Steelcase launches furniture line based on Frank Lloyd Wright designs
American company Steelcase has used archival designs by architect Frank Lloyd Wright to create the Racine Collection, a line of home office furniture.
Steelcases' furniture line, which features desks and chairs, was named Racine Collection after the town where Wright created the SC Johnson Administration building in 1939. The building held the original versions of the furniture, which were also manufactured by Steelcase.
In collaboration with the Frank Lloyd Wright Foundation – the primary custodians of the American architect's archive – Steelcase developed the new designs over the course of two years, following the original closely.
Over Wright's 70-year career, during which he played a significant role in shaping modern architecture, he left behind thousands of designs and plans for buildings and furniture.
"Wright, fortunately, left us a guide," Frank Lloyd Wright Foundation CEO Stuart Graff told Dezeen. "Wright wanted people to embrace the principles and show what they were capable of doing."
The first items in the collection include desks, office chairs and lounges, all distilled from the designs used in the SC Johnson building.
The desks and chairs underwent a series of modifications, especially an increase in size, as Steelcase found that only 20 per cent of American men would have leg clearance in the original design.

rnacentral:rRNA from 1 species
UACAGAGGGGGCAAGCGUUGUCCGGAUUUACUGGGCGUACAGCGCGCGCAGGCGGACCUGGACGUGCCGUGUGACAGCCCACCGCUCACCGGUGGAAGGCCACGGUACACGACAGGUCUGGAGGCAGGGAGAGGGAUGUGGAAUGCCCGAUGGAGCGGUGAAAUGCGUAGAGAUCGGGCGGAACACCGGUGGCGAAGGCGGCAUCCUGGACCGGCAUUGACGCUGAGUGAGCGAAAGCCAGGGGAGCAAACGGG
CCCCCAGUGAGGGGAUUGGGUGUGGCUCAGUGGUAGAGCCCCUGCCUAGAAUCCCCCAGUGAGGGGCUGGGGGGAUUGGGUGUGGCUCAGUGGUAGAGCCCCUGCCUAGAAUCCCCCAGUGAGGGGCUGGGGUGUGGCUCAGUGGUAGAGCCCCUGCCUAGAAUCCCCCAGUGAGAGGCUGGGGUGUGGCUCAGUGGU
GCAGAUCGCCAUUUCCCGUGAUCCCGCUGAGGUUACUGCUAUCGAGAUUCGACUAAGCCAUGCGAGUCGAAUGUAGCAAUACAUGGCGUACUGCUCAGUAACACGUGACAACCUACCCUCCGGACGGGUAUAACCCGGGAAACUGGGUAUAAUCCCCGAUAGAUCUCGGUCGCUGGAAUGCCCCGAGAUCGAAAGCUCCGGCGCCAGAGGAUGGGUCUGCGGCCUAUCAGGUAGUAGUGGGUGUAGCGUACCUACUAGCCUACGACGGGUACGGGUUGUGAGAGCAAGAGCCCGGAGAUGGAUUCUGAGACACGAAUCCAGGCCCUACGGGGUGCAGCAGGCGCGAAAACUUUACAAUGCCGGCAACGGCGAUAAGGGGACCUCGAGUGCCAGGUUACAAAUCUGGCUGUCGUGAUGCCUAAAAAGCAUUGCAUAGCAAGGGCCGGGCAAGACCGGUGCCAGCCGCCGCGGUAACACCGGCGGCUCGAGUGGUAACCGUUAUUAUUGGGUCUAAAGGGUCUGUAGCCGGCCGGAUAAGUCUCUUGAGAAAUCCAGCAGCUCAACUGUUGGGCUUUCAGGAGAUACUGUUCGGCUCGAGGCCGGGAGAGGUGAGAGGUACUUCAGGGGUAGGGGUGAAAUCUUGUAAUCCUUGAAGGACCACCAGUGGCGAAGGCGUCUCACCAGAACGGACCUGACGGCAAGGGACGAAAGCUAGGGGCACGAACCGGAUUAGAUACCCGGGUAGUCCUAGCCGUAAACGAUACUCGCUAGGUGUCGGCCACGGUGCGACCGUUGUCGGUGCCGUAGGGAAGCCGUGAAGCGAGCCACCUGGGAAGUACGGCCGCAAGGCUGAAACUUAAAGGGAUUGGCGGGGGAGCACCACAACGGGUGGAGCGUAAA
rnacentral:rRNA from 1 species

The iconic three-legged chairs have also been modified to have four legs, due to stability concerns.
Small details, like changing the spring-operated drawers in the desks to magnets, were also implemented. Otherwise, the basic structure of the designs remains faithful to the originals.
"We have a shared commitment to excellence," general manager of partnerships at Steelcase Meghan Dean told Dezeen.
"But it was important to be in dialogue with the foundation and say 'hey, we have a better way' without affecting the original."
Using a palette derived from a photograph of Wright's pencil set, the collection will be available in a variety of different colours, including an all-black series. Another option includes the walnut and Racine red configuration of the original designs.
Graff said that the collection should be seen not as a remake but as a "reimagination" of the originals.
"Legacy is a living thing and not a backwards-looking art collection," he told Dezeen, adding that this is a departure from the foundation's earlier collaborations.
"In the past, the foundation has been more interested in slavish reproductions and hasn't given the freedom to recreate."
Graff and Dean also noted that this first iteration is "only the beginning" of the collaboration, and the team hopes to draw on Wright's vast archive to continue reimagining the original designs.
When asked why the foundation choose now, almost a hundred years on, to reinvent these designs, Graff said it comes from a need to "get back" to the principles of Wright's work.
"We've seen a lot of design that calls attention to itself but isn't in relation to the world around it," he said.
Architects and designers worldwide have held a continuing fascination with Wright's designs. Last week, Dezeen published the works of architect David Romero, who uses computer software to create renderings of buildings Wright designed but never built.
Other brands have launched their own reissues of Wright's furniture, including Cassina in 2018, which put out a remake of the Taliesin 1 armchair.